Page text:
Friday, 4 January 2013

Can police conduct random breath tests?

The simple answer is no, the police cannot conduct a random breath test unless they suspect you of drink driving, you have committed another driving offence or you have been involved in an accident.

Nonetheless, a lot of people are confused about the lawfulness of random breath testing at the side of the road and most people simply do not understand their rights.  

The confusion arises because people do not appreciate the distinction between the police power to stop traffic and the police to administer a roadside breath test when they suspect somebody of drink driving.

Anybody who has a driving licence in the UK should realise that they must stop if a police officer in uniform tells them to stop.  We know this to be true because section 163 of the Road Traffic Act 1988 tell us that it is a criminal offence not to stop when directed to do so by a police officer in uniform.

Because the power to stop vehicles is not tempered with any tests or justification that must exist prior to the stop being lawful it is possible for police to conduct a random stop on any vehicle they like.  But, section 163 does not give the police any other power once they have stopped you, so they still need to rely on some other power before they can require you to take a breath test.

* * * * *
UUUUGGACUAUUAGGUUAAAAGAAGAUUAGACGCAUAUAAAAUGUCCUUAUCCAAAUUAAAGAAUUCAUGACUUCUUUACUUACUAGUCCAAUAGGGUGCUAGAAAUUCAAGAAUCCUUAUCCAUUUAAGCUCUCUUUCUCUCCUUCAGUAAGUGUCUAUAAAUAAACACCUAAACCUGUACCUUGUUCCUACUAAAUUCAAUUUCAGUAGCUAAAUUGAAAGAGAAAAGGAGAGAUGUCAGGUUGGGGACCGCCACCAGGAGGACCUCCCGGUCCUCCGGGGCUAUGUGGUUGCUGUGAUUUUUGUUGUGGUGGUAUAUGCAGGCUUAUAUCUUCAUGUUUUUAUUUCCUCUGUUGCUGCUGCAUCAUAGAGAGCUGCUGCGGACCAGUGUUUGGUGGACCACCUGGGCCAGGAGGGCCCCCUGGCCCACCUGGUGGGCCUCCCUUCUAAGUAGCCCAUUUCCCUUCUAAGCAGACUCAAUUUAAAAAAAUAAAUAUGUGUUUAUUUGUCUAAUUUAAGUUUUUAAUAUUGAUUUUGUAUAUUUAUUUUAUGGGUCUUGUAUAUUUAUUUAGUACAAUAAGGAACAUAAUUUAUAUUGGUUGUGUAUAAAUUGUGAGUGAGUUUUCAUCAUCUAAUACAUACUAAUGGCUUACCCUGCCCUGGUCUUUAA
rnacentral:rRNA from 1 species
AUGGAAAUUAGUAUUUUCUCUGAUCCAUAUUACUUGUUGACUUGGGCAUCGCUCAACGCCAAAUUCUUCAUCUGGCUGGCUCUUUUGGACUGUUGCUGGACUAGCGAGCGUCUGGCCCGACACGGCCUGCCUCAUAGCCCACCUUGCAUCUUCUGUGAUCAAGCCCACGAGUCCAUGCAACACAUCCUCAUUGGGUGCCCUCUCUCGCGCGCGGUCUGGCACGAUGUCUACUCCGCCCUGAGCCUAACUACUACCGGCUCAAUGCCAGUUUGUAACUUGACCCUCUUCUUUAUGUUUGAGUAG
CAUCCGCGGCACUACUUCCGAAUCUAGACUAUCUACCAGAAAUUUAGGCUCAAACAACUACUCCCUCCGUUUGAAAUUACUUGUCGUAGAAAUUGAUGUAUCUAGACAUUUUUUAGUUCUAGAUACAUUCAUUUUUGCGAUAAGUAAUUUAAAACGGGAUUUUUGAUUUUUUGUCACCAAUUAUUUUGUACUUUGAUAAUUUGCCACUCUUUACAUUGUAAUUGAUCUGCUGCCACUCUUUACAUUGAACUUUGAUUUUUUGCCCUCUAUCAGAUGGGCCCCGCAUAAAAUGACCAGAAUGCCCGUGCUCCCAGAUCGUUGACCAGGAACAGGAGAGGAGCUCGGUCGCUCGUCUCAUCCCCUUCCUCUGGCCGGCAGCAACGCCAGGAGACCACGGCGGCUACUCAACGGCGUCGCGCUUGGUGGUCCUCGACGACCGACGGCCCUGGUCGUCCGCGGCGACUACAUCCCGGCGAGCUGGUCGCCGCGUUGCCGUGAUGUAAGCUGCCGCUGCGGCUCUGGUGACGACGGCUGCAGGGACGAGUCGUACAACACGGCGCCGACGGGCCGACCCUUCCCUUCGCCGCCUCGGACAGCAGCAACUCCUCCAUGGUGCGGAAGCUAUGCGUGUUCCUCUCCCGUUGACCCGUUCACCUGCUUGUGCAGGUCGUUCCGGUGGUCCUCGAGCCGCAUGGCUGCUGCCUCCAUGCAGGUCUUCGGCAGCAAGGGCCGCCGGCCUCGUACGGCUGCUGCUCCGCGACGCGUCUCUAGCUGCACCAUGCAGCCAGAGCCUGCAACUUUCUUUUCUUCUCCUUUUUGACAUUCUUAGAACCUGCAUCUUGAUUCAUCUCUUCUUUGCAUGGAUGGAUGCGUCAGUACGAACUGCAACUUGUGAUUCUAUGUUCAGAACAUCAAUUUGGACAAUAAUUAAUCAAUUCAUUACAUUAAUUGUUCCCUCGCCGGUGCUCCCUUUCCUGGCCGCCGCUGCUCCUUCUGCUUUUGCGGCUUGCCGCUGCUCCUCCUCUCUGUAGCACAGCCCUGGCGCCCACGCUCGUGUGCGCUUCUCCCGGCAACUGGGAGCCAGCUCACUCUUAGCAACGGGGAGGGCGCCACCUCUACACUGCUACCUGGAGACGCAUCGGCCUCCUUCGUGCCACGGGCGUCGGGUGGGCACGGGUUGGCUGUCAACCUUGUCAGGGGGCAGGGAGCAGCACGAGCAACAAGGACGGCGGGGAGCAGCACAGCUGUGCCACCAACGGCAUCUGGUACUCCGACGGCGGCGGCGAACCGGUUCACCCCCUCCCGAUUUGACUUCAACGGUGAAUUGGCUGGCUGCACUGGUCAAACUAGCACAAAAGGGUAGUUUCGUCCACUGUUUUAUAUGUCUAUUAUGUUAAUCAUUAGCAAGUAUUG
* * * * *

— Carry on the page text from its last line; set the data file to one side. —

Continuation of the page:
The only power they have to require you to take a breath test is contained in section 6 Road Traffic Act 1988, which sets out when a police officer can require somebody to provide a specimen of breath at the roadside.  The s. 6 power requires police officers to either have a reasonable suspicion that you are drink driving or have committed a driving offence or have been involved in an accident.  This means that if police conduct a random stop under s. 163 and then after stopping you form the view that you were drink driving they can require you to take the roadside breath test.

In conclusion, the police can randomly stop you but unless they have some reasonable suspicion that you were drink driving or have committed a driving offence or been involved in an accident they cannot breath test you.

If you have been accused of refusing to take a roadside breath test you can get expert advice and representation from London Drink Driving Solicitors today.

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